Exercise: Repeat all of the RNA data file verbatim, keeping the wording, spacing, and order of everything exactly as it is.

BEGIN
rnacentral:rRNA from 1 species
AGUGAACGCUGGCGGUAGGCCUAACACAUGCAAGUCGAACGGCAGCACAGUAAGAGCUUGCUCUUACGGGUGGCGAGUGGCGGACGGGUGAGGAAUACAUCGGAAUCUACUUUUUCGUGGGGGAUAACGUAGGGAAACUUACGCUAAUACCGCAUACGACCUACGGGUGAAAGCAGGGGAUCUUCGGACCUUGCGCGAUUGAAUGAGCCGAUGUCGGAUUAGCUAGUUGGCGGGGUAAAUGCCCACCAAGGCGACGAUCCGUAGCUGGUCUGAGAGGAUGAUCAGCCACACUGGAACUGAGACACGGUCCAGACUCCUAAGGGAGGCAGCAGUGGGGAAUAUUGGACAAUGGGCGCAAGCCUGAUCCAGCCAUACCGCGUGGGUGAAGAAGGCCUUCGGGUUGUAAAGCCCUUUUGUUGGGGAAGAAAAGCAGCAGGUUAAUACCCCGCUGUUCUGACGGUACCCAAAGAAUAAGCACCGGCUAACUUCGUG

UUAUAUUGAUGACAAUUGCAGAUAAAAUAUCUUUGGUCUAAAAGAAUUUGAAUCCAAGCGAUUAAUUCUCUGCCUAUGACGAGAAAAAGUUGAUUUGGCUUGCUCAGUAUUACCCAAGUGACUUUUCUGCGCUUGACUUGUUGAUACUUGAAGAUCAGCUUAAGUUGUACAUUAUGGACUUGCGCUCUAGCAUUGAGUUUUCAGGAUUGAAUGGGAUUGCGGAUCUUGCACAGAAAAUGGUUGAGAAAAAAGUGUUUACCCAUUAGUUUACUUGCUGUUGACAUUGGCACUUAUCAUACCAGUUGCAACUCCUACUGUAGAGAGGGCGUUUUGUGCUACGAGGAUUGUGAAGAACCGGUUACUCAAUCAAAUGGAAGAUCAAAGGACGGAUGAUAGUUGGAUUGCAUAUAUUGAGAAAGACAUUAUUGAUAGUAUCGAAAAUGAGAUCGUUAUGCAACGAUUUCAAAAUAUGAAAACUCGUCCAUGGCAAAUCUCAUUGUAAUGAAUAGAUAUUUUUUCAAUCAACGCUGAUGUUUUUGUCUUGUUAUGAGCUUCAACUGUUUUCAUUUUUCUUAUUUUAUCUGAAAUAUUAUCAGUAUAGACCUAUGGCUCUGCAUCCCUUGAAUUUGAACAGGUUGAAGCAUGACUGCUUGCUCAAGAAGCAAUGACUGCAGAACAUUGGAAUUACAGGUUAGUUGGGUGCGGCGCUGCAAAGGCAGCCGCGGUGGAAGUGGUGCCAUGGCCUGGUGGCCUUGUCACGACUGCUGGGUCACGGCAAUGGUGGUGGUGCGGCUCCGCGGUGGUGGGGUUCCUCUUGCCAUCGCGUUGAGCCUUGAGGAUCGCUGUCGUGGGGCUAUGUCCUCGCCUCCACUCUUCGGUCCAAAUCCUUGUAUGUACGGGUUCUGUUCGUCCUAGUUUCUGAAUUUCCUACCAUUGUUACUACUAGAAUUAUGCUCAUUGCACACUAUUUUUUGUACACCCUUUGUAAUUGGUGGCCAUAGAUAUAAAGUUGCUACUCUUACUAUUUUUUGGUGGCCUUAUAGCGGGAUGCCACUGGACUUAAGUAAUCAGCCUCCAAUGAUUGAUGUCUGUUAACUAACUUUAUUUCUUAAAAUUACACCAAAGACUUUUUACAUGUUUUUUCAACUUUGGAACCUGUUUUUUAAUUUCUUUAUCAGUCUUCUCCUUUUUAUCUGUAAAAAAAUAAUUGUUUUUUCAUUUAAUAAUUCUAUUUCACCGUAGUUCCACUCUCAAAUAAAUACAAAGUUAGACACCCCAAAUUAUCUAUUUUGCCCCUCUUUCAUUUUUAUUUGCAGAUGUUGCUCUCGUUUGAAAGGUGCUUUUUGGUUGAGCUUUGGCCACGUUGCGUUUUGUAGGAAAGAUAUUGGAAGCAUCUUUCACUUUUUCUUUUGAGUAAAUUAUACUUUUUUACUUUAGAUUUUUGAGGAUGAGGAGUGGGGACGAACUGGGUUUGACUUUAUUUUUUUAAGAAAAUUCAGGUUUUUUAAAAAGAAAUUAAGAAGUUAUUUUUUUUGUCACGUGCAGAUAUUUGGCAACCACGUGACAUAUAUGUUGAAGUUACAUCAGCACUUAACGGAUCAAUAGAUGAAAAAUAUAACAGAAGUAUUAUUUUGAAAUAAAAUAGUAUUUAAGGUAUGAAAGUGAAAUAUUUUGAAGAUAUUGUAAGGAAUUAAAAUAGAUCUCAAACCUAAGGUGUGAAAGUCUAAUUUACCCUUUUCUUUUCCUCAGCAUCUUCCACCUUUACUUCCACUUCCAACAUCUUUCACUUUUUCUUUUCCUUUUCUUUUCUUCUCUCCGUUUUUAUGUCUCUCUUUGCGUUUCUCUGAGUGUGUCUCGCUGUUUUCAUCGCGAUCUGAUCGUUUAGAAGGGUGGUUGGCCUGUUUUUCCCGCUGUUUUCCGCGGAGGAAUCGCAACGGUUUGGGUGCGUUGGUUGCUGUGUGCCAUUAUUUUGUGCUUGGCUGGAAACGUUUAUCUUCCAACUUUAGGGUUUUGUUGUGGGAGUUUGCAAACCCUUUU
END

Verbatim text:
rnacentral:rRNA from 1 species
AGUGAACGCUGGCGGUAGGCCUAACACAUGCAAGUCGAACGGCAGCACAGUAAGAGCUUGCUCUUACGGGUGGCGAGUGGCGGACGGGUGAGGAAUACAUCGGAAUCUACUUUUUCGUGGGGGAUAACGUAGGGAAACUUACGCUAAUACCGCAUACGACCUACGGGUGAAAGCAGGGGAUCUUCGGACCUUGCGCGAUUGAAUGAGCCGAUGUCGGAUUAGCUAGUUGGCGGGGUAAAUGCCCACCAAGGCGACGAUCCGUAGCUGGUCUGAGAGGAUGAUCAGCCACACUGGAACUGAGACACGGUCCAGACUCCUAAGGGAGGCAGCAGUGGGGAAUAUUGGACAAUGGGCGCAAGCCUGAUCCAGCCAUACCGCGUGGGUGAAGAAGGCCUUCGGGUUGUAAAGCCCUUUUGUUGGGGAAGAAAAGCAGCAGGUUAAUACCCCGCUGUUCUGACGGUACCCAAAGAAUAAGCACCGGCUAACUUCGUG

UUAUAUUGAUGACAAUUGCAGAUAAAAUAUCUUUGGUCUAAAAGAAUUUGAAUCCAAGCGAUUAAUUCUCUGCCUAUGACGAGAAAAAGUUGAUUUGGCUUGCUCAGUAUUACCCAAGUGACUUUUCUGCGCUUGACUUGUUGAUACUUGAAGAUCAGCUUAAGUUGUACAUUAUGGACUUGCGCUCUAGCAUUGAGUUUUCAGGAUUGAAUGGGAUUGCGGAUCUUGCACAGAAAAUGGUUGAGAAAAAAGUGUUUACCCAUUAGUUUACUUGCUGUUGACAUUGGCACUUAUCAUACCAGUUGCAACUCCUACUGUAGAGAGGGCGUUUUGUGCUACGAGGAUUGUGAAGAACCGGUUACUCAAUCAAAUGGAAGAUCAAAGGACGGAUGAUAGUUGGAUUGCAUAUAUUGAGAAAGACAUUAUUGAUAGUAUCGAAAAUGAGAUCGUUAUGCAACGAUUUCAAAAUAUGAAAACUCGUCCAUGGCAAAUCUCAUUGUAAUGAAUAGAUAUUUUUUCAAUCAACGCUGAUGUUUUUGUCUUGUUAUGAGCUUCAACUGUUUUCAUUUUUCUUAUUUUAUCUGAAAUAUUAUCAGUAUAGACCUAUGGCUCUGCAUCCCUUGAAUUUGAACAGGUUGAAGCAUGACUGCUUGCUCAAGAAGCAAUGACUGCAGAACAUUGGAAUUACAGGUUAGUUGGGUGCGGCGCUGCAAAGGCAGCCGCGGUGGAAGUGGUGCCAUGGCCUGGUGGCCUUGUCACGACUGCUGGGUCACGGCAAUGGUGGUGGUGCGGCUCCGCGGUGGUGGGGUUCCUCUUGCCAUCGCGUUGAGCCUUGAGGAUCGCUGUCGUGGGGCUAUGUCCUCGCCUCCACUCUUCGGUCCAAAUCCUUGUAUGUACGGGUUCUGUUCGUCCUAGUUUCUGAAUUUCCUACCAUUGUUACUACUAGAAUUAUGCUCAUUGCACACUAUUUUUUGUACACCCUUUGUAAUUGGUGGCCAUAGAUAUAAAGUUGCUACUCUUACUAUUUUUUGGUGGCCUUAUAGCGGGAUGCCACUGGACUUAAGUAAUCAGCCUCCAAUGAUUGAUGUCUGUUAACUAACUUUAUUUCUUAAAAUUACACCAAAGACUUUUUACAUGUUUUUUCAACUUUGGAACCUGUUUUUUAAUUUCUUUAUCAGUCUUCUCCUUUUUAUCUGUAAAAAAAUAAUUGUUUUUUCAUUUAAUAAUUCUAUUUCACCGUAGUUCCACUCUCAAAUAAAUACAAAGUUAGACACCCCAAAUUAUCUAUUUUGCCCCUCUUUCAUUUUUAUUUGCAGAUGUUGCUCUCGUUUGAAAGGUGCUUUUUGGUUGAGCUUUGGCCACGUUGCGUUUUGUAGGAAAGAUAUUGGAAGCAUCUUUCACUUUUUCUUUUGAGUAAAUUAUACUUUUUUACUUUAGAUUUUUGAGGAUGAGGAGUGGGGACGAACUGGGUUUGACUUUAUUUUUUUAAGAAAAUUCAGGUUUUUUAAAAAGAAAUUAAGAAGUUAUUUUUUUUGUCACGUGCAGAUAUUUGGCAACCACGUGACAUAUAUGUUGAAGUUACAUCAGCACUUAACGGAUCAAUAGAUGAAAAAUAUAACAGAAGUAUUAUUUUGAAAUAAAAUAGUAUUUAAGGUAUGAAAGUGAAAUAUUUUGAAGAUAUUGUAAGGAAUUAAAAUAGAUCUCAAACCUAAGGUGUGAAAGUCUAAUUUACCCUUUUCUUUUCCUCAGCAUCUUCCACCUUUACUUCCACUUCCAACAUCUUUCACUUUUUCUUUUCCUUUUCUUUUCUUCUCUCCGUUUUUAUGUCUCUCUUUGCGUUUCUCUGAGUGUGUCUCGCUGUUUUCAUCGCGAUCUGAUCGUUUAGAAGGGUGGUUGGCCUGUUUUUCCCGCUGUUUUCCGCGGAGGAAUCGCAACGGUUUGGGUGCGUUGGUUGCUGUGUGCCAUUAUUUUGUGCUUGGCUGGAAACGUUUAUCUUCCAACUUUAGGGUUUUGUUGUGGGAGUUUGCAAACCCUUUU